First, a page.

Ireland has 13 vacant homes for every homeless individual. A new action plan is seeking to recover vacant properties.
Census 2022 outlines that there are 166,792 vacant homes in the State, which is considerably higher than the homeless population of 12,259 (as of April 2023).
Whilst the number of vacant homes in Ireland has declined by 27.5 per cent between 2011 and 2022, there are substantially more vacant homes nationwide than homeless people in the State. The highest concentration of vacant properties in the State are situated in western and rural areas.
For example, in County Leitrim, the percentage of vacant homes is as high as 15.5 per cent, whilst the figures in neighbouring counties Roscommon and Mayo are 13.4 per cent and 13.3 per cent, respectively. This is at odds with the demands placed by the homeless population, with an overwhelming majority of the State’s 12,259 homeless people (around 73 per cent) currently in Dublin.
Therefore, if the Government’s ambitions to utilise derelict and vacant properties are to help curb the homelessness crisis, this will invariably have to involve an incentive to encourage homeless families to move out of Dublin and to more rural counties.
Vacant Homes Action Plan 2023-2026
The Government’s Vacant Homes Action Plan 2023-2026, published in January 2023, identifies actions to be pursued in order to continue to return as many recoverable vacant properties back to viable use as possible, increase the supply of housing available, and aims to revitalise the vibrancy of local communities.
One potential conundrum outlined by the Government in the Vacant Homes Action Plan is that the ownership of the property in question must be clarified when the home is being brought back into use, presenting a potential legal grey area for government.
“While significant work remains to be done, real progress is being made in addressing vacancy. Our sense of urgency remains, and we are determined to build on what we have achieved to date.”
Minister for Housing, Local Government and Heritage, Darragh O’Brien TD
The action plan says: “A key consideration when working to bring empty properties back into use is the reason why a particular property has been left empty. These are varied and multifaceted and can relate at a broad level to migration, urbanisation, loss of industry, and employment and at an individual property level to financial, ownership, personal, or property issues.”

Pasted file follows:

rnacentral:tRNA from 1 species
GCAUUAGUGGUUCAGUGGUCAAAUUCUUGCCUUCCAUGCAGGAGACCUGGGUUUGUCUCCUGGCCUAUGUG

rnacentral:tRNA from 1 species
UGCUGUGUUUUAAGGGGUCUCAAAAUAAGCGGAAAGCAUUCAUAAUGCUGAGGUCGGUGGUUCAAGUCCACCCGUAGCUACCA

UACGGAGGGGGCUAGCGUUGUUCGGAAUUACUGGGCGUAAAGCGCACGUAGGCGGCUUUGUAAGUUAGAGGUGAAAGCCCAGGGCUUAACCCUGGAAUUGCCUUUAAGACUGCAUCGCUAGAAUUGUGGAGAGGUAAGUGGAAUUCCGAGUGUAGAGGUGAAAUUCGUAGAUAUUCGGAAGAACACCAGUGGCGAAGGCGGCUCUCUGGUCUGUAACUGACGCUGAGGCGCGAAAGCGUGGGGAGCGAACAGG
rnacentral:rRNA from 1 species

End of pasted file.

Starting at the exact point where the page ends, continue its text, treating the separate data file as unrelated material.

The report further states: “Properties can be for sale, in between rental periods, undergoing renovation, or in some cases the owner may be in hospital or in nursing home care. A lack of investment can lead to some properties being vacant for long periods and if these properties are not addressed in a timely manner, they can ultimately become derelict. The reasons for vacancy influence the measurement of vacancy and must also be taken into account in considering measures to address vacancy.”
Given that the vast majority of Ireland’s derelict homes are situated in relatively rural counties such as Leitrim, Roscommon, and Mayo, two government strategies are of immense importance if vacant homes are to be used in a serious manner to take on the homelessness crisis. These are the National Planning Framework (NPF) and Our Rural Future.
The Vacant Homes Action Plan states that the NPF will “guide the future development of Ireland, taking into account a projected one million increase in population over 2016 levels and the need for 550,000 more homes by 2040”.
The paper continues: “The NPF growth strategy aims to shift the spatial pattern of development by concentrating a greater proportion of new development in cities, towns, and other settlements where the required services, employment, and infrastructure can be provided for citizens.”
This compact growth approach aims to tackle the unsustainable sprawl of development and contribute to overall carbon reduction. The NPF seeks to:
The Vacant Homes Action Plan states that one of the key objectives of Our Rural Future is to support the regeneration, repopulation, and development of rural towns and villages to contribute to local and national economic recovery, and to enable people to live and work in a high-quality environment.
“Achieving this will require investing in projects which support economic activity and increased footfall in towns and villages, improve the public realm, encourage town centre living, and provide the necessary services infrastructure to support town and village regeneration and sustainable growth,” the report states.
Introducing the policy, Minister for Housing, Local Government and Heritage, Darragh O’Brien TD, said: “The most efficient home to deliver is the one which already exists and there is so much potential within our vacant stock to provide more homes for so many of our citizens.”
O’Brien added: “While significant work remains to be done, real progress is being made in addressing vacancy. Our sense of urgency remains, and we are determined to build on what we have achieved to date.”